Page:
Wholeness and Reciprocity: Lessons in Life and Leadership from Bainbridge Island

Authentic leaders in every setting aim at liberating the heart, their own and others, so that its powers can liberate the world Parker Palmer

Last month I was staying on Bainbridge Island in Puget Sound. I was there to begin a journey that will span the year, joining 30 other souls from around the world on the Academy for Leaders Programme run by the Centre for Courage and Renewal. Before the retreat began I paid a visit to the grave of Chief Sealth, later known as Chief Seattle whose name was given to the city I could see across the water. Looking across the sound from the little graveyard, my imagination felt the span of time and the relationship between two very different worlds. The words that boundary his grave are taken from a speech that he gave in 1854 and they came to me as an invitation to think about what it really means to be a leader, they  spoke deeply to what I had come to explore on the island;

Every part of this soil is sacred in the estimation of my people. Every hillside, every valley, every plain and grove, has been hallowed by some sad or happy event in days long vanished. Even the rocks, which seem to be dumb and dead as they swelter in the sun along the silent shore, thrill with memories of stirring events connected with the lives of my people, and the very dust upon which you now stand responds more lovingly to their footsteps than yours, because it is rich with the blood of our ancestors, and our bare feet are conscious of the sympathetic touch.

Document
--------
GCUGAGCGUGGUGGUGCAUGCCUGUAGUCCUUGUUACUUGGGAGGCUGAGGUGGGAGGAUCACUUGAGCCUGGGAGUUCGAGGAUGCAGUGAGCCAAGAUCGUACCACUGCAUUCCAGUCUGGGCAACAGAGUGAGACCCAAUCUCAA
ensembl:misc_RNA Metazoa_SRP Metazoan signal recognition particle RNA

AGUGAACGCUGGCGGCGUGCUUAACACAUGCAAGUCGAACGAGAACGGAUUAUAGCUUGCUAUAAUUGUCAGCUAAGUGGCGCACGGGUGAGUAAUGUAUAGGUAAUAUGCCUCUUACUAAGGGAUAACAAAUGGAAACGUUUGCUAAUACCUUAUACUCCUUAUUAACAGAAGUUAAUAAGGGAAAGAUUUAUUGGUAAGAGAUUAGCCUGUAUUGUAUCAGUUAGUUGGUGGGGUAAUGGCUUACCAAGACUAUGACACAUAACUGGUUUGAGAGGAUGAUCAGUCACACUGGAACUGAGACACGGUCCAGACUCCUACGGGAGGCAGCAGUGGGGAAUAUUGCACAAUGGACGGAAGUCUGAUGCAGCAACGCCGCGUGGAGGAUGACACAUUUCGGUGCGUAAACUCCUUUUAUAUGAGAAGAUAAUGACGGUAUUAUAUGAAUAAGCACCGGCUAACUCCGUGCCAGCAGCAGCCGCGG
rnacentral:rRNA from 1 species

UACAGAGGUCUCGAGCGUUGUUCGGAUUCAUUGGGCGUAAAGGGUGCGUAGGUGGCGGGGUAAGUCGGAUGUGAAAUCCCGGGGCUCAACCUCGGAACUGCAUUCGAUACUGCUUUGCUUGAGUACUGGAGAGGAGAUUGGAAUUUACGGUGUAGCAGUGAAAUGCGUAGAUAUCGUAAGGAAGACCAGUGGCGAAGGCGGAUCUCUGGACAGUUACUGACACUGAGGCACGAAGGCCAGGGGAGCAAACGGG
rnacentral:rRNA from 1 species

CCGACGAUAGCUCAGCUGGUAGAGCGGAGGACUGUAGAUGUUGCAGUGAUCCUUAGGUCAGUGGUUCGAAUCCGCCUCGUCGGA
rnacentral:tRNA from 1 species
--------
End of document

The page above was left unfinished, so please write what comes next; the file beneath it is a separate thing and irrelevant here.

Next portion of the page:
Walking later along the silent shore of the sound, I began to think about the kind of leadership that Chief Seattle described in these words. What does it mean to walk with a barefoot consciousness, a barefoot heart and a barefoot mind on the earth? Seattle’s cosmology was living, animate and interdependent. It was a world in which human feet walked as relations amongst the ensouled stones and the dust.  What must it have been like to live and breathe, to sense and feel from this ‘hallowed’ place, to live so respectfully?

For Seattle, every grove and plain was hallowed. To hallow means to set apart as holy, to be intimately and sensually whole. Seattle describes a world where everything is holy thus illuminating a paradox that sets apart each holy thing in a universe in which all is holy, wholes are part of larger wholes.  The depth and quality of a life lived in such reciprocity with the natural world, with such a sense of responsibility and freedom must have been extraordinary.